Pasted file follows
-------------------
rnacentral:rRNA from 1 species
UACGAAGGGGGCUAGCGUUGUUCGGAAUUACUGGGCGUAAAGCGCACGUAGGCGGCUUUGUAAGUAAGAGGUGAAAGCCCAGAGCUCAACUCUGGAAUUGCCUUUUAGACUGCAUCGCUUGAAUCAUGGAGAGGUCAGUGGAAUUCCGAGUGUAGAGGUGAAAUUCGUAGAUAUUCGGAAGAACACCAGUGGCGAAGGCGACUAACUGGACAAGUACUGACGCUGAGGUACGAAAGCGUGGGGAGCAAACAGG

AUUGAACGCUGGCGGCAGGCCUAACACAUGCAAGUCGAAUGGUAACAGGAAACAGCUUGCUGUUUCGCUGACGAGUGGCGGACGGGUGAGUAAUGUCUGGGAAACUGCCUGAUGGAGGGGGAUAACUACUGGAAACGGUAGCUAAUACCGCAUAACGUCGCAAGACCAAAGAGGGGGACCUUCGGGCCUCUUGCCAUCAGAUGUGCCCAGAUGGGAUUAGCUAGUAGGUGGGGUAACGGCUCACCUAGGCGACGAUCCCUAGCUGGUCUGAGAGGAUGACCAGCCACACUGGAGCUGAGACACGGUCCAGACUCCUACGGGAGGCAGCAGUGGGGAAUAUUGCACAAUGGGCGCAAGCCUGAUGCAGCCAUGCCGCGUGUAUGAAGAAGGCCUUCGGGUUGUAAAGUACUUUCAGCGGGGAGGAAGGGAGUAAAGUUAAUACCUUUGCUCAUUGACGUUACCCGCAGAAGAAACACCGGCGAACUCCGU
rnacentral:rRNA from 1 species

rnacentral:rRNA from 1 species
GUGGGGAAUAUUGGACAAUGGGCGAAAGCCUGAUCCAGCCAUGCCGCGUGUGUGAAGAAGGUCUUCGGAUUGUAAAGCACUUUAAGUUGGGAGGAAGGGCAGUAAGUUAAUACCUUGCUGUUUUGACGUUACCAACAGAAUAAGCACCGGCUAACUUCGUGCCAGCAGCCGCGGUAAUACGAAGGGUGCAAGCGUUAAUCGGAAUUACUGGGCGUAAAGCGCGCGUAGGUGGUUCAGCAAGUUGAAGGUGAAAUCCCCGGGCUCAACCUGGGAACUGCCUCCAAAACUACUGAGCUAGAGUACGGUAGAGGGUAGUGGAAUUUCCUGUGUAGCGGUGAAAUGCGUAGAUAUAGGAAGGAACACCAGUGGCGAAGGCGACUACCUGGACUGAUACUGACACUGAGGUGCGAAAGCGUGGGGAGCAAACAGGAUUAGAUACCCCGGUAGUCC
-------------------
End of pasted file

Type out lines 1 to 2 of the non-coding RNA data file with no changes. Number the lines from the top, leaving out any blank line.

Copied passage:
rnacentral:rRNA from 1 species
UACGAAGGGGGCUAGCGUUGUUCGGAAUUACUGGGCGUAAAGCGCACGUAGGCGGCUUUGUAAGUAAGAGGUGAAAGCCCAGAGCUCAACUCUGGAAUUGCCUUUUAGACUGCAUCGCUUGAAUCAUGGAGAGGUCAGUGGAAUUCCGAGUGUAGAGGUGAAAUUCGUAGAUAUUCGGAAGAACACCAGUGGCGAAGGCGACUAACUGGACAAGUACUGACGCUGAGGUACGAAAGCGUGGGGAGCAAACAGG